There is a fable, of which I know not the origin, that tells of a hunter that travelled the earth seeking the rarest of wild cats to add to his trophy collection. For years he searched, through the harshest of Winters and the most arid of Summers. He climbed the highest mountains and struggled through the darkest of forests until one day his luck turned and there, stood right before him, was the cat of which he had been seeking. The cat looked at him and he looked at the cat. And for that briefest of moments, rather than aiming his weapon, he simply stood and watched as the cat quietly went back into the forest.
As soon as the process of documenting an intervention begins, it starts to erode something - straight away it starts to become insistent about being recognised as some poetic act in a process of witness by proxy.
It is for this reason that I limit documentation of interventions with many going unknown or unnoticed. Often it's just my enthusiastic dog acting as sole witness. To not lay claim to their authorship almost seems diametrically opposed to the cult of the self I have grown up with in this post-Thatcherite society so insistent in its needs for individual validation. Yet, because of this, I am driven to occasionally document them in order to provide that evidence and so too also be validated. The rest of the time they are just possibilities of discovery that, just like the hunter and the cat, perhaps allude to moments that might just somehow appear to be fleetingly real.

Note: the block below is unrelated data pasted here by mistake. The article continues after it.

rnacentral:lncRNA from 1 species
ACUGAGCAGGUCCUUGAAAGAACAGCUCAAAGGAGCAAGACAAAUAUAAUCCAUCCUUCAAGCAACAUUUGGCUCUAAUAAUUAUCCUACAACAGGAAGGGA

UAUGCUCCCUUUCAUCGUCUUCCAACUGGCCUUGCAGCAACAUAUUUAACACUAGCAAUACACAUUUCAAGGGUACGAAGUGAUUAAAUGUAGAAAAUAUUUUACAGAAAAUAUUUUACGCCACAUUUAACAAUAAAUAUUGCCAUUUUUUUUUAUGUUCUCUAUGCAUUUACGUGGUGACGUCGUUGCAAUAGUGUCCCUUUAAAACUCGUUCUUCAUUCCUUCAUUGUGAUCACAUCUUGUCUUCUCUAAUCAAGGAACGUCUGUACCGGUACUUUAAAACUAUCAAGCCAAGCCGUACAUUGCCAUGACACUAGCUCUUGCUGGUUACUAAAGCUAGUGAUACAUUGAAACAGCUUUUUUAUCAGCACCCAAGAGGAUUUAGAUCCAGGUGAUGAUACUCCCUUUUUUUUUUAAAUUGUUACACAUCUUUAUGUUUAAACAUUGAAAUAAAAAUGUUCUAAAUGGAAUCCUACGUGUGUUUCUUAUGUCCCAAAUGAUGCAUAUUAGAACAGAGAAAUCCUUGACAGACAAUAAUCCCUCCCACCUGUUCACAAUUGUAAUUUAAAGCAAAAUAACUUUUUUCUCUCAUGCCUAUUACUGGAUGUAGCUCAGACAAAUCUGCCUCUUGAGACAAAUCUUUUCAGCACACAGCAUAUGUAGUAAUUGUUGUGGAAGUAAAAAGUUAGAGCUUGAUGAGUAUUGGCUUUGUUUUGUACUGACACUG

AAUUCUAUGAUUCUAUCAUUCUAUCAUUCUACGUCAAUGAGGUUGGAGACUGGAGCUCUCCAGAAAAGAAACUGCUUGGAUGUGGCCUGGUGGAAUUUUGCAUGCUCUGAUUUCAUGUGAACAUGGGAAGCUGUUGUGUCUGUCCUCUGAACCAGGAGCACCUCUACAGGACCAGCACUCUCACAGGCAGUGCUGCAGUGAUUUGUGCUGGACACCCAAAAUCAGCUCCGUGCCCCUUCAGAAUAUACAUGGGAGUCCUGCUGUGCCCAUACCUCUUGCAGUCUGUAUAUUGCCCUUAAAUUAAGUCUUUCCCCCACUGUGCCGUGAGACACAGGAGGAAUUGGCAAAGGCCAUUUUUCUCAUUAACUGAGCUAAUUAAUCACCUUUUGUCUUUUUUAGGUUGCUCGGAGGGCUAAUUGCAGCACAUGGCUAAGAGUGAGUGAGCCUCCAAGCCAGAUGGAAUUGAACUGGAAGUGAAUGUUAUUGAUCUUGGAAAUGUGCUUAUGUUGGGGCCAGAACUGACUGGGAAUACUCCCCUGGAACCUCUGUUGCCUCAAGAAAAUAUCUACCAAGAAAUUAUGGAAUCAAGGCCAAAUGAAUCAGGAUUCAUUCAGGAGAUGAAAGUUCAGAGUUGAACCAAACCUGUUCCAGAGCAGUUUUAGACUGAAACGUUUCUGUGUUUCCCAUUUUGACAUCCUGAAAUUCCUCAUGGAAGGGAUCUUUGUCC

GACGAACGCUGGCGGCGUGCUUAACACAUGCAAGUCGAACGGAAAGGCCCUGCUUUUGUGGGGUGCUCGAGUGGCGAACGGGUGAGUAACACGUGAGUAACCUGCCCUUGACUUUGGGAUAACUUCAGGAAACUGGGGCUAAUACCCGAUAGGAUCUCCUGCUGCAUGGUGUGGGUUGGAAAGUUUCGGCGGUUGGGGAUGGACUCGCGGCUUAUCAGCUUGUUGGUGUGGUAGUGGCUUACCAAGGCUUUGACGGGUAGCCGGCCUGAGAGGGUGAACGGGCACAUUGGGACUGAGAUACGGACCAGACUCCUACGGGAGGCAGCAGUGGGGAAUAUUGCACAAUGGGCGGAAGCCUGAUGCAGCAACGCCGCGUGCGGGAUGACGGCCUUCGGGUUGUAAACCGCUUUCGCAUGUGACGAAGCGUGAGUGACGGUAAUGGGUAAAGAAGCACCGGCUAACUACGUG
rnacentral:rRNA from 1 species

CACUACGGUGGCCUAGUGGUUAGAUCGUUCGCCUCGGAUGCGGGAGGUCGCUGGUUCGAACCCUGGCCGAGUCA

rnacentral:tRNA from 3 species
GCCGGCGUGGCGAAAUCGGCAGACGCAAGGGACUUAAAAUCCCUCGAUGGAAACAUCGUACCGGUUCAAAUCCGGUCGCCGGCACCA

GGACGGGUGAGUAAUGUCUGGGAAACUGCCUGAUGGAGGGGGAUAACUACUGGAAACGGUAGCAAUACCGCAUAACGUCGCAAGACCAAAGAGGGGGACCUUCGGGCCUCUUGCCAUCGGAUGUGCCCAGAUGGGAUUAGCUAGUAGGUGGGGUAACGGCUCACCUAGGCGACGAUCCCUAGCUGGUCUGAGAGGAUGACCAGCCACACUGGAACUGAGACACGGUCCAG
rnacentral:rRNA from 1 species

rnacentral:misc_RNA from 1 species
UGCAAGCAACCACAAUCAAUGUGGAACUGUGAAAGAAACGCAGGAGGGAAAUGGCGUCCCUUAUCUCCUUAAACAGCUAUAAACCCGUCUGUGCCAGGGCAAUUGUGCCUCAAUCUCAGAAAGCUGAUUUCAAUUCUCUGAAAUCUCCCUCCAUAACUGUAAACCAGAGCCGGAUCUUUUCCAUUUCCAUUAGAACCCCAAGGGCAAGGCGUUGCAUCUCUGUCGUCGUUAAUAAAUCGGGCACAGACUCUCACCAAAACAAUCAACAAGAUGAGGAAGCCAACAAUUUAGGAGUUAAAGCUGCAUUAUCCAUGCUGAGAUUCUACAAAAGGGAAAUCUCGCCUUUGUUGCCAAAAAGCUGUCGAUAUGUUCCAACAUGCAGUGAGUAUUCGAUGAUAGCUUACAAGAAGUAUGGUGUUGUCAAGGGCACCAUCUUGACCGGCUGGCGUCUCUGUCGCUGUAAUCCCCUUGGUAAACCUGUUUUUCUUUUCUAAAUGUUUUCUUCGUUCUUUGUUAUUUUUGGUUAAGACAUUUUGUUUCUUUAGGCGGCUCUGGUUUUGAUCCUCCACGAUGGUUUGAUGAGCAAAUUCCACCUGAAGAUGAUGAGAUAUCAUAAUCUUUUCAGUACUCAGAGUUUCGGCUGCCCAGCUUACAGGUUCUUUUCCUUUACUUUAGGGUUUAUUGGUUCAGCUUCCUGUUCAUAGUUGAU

Blanket return was one of the first returns I ever documented. Possibly a homeless person's, I found it left in an alleyway covered in vomit. I bagged it, took it home and cleaned it, repaired it's hems and once the process was complete, returned it a few days later back to the alleyway where it was discovered.
I never did know if it was a homeless person's blanket. What I do know is that it was a perfectly cheerful middle-aged lady that I saw walking off with it a few hours later.